In “The Laws of Etiquette; Or, Short Rules and Reflections for Conduct in Society” written in 1836 in the US by a Gentleman there’s this paragraph:
If you accompany your wife to a dance, be careful not to dance with her. Such are some of the canons of the ball.
Does anyone know if it was the same in England in Austen’s times? Or if there was such a rule in reference to private balls, was it also valid for public assemblies?
I looked through Emma, and indeed, it seems that husbands and wives are not dancing with each other. When Frank plans the ball he says: “You [Emma] and Miss Smith, and Miss Fairfax, will be three, and the two Miss Coxes five, (…) And there will be the two Gilberts, young Cox, my father [Mr. Weston], and myself [Frank Churchill], besides Mr. Knightley.” Continue reading →
Slavoj Zizek in The Sublime Object of Ideology included this subchapter about Jane Austen:
Hegel with Austen
Austen, not Austin: it is Jane Austen who is perhaps the only counterpart to Hegel in literature: Pride and Prejudice is the literary Phenomenology of Spirit; Mansfield Park the Science of Logic and Emma the Encyclopaedia… No wonder, then, that we find in Pride and Prejudice the perfect case of this dialectic of truth arising from misrecognition. Although they belong to different social classes – he is from an extremely rich aristocratic family, she from the impoverished middle classes – Elizabeth and Darcy feel a strong mutual attraction. Because of his pride, his love appears to Darcy as something unworthy; when he asks for Elizabeth’s hand he confesses openly his contempt for the world to which she belongs and expects her to accept his proposition as an unheard-of honour. But because of her prejudice, Elizabeth sees him as ostentatious, arrogant, and vain: his condescending proposal humiliates her, and she refuses him.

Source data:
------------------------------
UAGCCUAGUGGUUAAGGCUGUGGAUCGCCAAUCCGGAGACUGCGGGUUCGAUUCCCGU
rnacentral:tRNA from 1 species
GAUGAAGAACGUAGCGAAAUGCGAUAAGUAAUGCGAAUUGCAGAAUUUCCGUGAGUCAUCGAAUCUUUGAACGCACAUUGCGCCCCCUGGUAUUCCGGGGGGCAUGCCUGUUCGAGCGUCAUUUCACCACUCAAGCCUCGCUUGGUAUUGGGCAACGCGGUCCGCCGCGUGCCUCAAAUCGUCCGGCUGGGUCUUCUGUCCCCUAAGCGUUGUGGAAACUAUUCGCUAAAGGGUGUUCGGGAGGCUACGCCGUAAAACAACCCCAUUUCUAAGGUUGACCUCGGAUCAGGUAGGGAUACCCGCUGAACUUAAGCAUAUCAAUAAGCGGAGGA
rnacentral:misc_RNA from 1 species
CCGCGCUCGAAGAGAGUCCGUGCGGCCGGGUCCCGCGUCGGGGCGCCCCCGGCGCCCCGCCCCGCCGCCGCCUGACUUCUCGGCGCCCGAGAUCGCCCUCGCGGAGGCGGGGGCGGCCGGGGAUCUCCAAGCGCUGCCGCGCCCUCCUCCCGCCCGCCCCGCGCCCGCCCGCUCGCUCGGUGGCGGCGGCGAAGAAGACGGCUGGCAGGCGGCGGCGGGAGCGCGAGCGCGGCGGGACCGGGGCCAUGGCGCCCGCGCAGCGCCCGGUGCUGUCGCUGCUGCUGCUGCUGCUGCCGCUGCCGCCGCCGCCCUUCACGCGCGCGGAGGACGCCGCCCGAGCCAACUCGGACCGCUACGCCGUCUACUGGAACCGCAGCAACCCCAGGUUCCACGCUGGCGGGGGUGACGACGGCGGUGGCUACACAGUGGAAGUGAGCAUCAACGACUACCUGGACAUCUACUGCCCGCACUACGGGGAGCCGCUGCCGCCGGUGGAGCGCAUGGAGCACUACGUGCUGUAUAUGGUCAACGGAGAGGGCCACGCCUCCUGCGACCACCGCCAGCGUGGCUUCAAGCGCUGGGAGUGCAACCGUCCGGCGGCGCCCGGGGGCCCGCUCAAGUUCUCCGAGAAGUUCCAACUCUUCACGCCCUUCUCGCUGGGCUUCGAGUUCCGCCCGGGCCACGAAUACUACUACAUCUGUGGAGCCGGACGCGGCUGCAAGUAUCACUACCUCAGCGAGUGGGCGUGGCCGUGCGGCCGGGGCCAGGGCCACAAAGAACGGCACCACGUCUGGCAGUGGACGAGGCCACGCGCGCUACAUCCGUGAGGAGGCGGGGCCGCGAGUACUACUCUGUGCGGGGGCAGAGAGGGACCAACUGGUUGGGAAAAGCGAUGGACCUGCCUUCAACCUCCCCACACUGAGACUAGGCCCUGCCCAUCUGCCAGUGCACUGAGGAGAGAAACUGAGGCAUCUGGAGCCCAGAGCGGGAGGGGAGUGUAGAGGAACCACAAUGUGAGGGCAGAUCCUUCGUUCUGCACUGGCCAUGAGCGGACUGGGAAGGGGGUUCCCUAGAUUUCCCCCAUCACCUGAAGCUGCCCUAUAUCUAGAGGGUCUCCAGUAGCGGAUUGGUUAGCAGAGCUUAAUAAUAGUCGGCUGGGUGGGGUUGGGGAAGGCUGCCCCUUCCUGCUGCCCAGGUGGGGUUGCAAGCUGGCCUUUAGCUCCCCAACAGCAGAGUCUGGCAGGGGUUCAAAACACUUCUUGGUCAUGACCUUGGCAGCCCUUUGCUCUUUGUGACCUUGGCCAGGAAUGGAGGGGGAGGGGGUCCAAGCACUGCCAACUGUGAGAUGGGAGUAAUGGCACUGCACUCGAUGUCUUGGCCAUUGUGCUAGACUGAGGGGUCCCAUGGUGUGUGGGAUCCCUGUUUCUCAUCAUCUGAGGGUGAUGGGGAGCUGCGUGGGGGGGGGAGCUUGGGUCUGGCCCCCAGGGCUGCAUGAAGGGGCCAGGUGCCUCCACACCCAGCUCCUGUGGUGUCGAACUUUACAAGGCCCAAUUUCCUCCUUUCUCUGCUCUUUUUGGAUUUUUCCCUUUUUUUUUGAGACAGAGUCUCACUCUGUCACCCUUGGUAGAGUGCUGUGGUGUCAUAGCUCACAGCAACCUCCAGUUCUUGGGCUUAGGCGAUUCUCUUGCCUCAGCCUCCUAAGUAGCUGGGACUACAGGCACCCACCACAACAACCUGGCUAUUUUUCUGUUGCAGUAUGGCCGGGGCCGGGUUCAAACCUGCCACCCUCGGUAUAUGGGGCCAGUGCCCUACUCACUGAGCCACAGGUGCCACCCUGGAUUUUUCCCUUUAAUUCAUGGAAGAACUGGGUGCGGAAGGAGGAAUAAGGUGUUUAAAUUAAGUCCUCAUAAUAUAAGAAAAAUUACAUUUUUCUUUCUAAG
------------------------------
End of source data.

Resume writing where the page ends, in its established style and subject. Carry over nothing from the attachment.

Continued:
Darcy is about to give his letter to Lizzy.
This double failure, this mutual misrecognition, possesses a structure of a double movement of communication where each subject receives from the other its own message in the inverse form: Elizabeth wants to present herself to Darcy as a young cultivated woman, full of wit, and she gets from him the message ‘you are nothing but a poor empty-minded creature, full of false finesse’; Darcy wants to present himself to her as a proud gentleman, and he gets from her the message ‘your pride is nothing but contemptible arrogance’. After the break in their relationship each discovers, through a series of accidents, the true nature of the other – she the sensitive and tender nature of Darcy, he her real dignity and wit – and the novel ends as it should, with their marriage. Continue reading →